Renwick Gallery: Burning Man

I don't know much about Burning Man.

I've certainly heard of this mystical festival in the middle of nowhere, where fire comes into play, and effigies are created for a purpose.

But beyond that, I couldn't tell you where it takes place, for how long, or even where the inspiration for this festival of pure creativity sprang from.

From the ashes no doubt!

Burning Man takes place every year in the Nevada Black Rock Desert — where a city comes together from the dust of the desert. The thriving temporary metropolis known as Burning Man is a hotbed of artistic ingenuity, driving innovation through its principles of radical self-expression, decommodification, communal participation, and reverence for the handmade. Both a cultural movement and an annual event, Burning Man remains one of the most influential phenomenons in contemporary American art and culture. — Renwick Gallery

Evotrope, Richard Wilks.

When we were in DC back in June we decided to peek into the Renwick Gallery after a late lunch.

And so we entered the labyrinth of the Renwick Gallery for their limited-time Burning Man exhibit, No Spectators.

Paper Arch, Michael Garlington and Natalia Bertotti

I still don't think I could do an explanation of Burning Man justice, but oh was I inspired.

The Gallery was filled with reproductions of structures created for Burning Man in the most recent years.

From the 10ft tall dancer sculpture, to a metal race car resembling a viking dragonboat, to a chalkboard room where you could write down your dreams and hopes in response to the profound prompt "Before I die..."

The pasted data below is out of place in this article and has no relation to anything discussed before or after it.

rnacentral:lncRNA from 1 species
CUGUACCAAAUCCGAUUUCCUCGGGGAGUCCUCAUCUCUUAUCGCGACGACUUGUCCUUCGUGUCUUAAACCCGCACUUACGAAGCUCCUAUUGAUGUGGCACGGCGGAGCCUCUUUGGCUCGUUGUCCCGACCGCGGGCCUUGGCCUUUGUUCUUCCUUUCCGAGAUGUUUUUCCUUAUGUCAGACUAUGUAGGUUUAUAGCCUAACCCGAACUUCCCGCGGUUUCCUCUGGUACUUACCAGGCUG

Truth is Beauty, Michael Cochrane, 2017.

Tin Pan Dragon, Duane Flatmo

But my favorite was the wooden Temple.

Soaring ceilings were covered bottom to top with individual panels of pine to display intricate designs.

Temple, David Best, 2018.

Personal inscriptions, prayers, and vows were written on many of the panels emphasizing the spiritual presence of healing in this place.

It was breathtaking and moving.

Beyond the wooden sanctuary you found the whimsical, illuminated mushrooms that change form with the press of a button.

Shrumen Lumen, Foldhaus Art Collective.

The intense feeling of 'No Spectators' is what makes this such a powerful exhibit.

Think about that — no spectators.

This is the long standing motto of the festival.

Where the purpose of Burning Man is that everyone should feel open to be involved, to be present, and to fully embody the spirit of the festival in whatever way you as an individual can best do that.

Even in this borrowed gallery space, you can feel the energy of Burning Man.

I felt emboldened to just stand in awe at the structures around me — to feel hope in the chalkboard room and write my 'Before I die' dreams on the wall for anyone to see, to stand in silent reverence in the wooden chapel with my neck arched back to admire the handiwork all the way at the top of the ceiling, and to be playful in the multicolored mushroom room.

You walk out and feel inspired — as though you could create something just as beautiful out of any material placed in front of you.

No spectating — can you imagine that feeling?

Imagine if we all believed in the power we have to be innovative and fully present in this life.

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